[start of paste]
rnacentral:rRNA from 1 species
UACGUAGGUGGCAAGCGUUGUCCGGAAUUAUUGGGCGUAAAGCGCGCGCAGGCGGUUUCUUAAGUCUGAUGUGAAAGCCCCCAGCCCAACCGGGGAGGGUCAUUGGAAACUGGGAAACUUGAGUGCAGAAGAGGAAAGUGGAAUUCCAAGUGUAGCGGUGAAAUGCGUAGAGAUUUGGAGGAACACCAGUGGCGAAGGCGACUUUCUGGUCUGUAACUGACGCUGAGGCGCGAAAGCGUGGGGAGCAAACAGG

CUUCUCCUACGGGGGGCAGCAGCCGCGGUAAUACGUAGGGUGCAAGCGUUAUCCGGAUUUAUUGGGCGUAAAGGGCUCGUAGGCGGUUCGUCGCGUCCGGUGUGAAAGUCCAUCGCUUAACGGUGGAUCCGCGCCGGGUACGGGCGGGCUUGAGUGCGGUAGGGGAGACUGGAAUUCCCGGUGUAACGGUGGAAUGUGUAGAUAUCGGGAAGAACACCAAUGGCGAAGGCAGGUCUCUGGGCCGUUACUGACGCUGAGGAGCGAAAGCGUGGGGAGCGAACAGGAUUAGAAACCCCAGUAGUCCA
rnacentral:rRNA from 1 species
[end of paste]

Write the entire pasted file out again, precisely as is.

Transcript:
rnacentral:rRNA from 1 species
UACGUAGGUGGCAAGCGUUGUCCGGAAUUAUUGGGCGUAAAGCGCGCGCAGGCGGUUUCUUAAGUCUGAUGUGAAAGCCCCCAGCCCAACCGGGGAGGGUCAUUGGAAACUGGGAAACUUGAGUGCAGAAGAGGAAAGUGGAAUUCCAAGUGUAGCGGUGAAAUGCGUAGAGAUUUGGAGGAACACCAGUGGCGAAGGCGACUUUCUGGUCUGUAACUGACGCUGAGGCGCGAAAGCGUGGGGAGCAAACAGG

CUUCUCCUACGGGGGGCAGCAGCCGCGGUAAUACGUAGGGUGCAAGCGUUAUCCGGAUUUAUUGGGCGUAAAGGGCUCGUAGGCGGUUCGUCGCGUCCGGUGUGAAAGUCCAUCGCUUAACGGUGGAUCCGCGCCGGGUACGGGCGGGCUUGAGUGCGGUAGGGGAGACUGGAAUUCCCGGUGUAACGGUGGAAUGUGUAGAUAUCGGGAAGAACACCAAUGGCGAAGGCAGGUCUCUGGGCCGUUACUGACGCUGAGGAGCGAAAGCGUGGGGAGCGAACAGGAUUAGAAACCCCAGUAGUCCA
rnacentral:rRNA from 1 species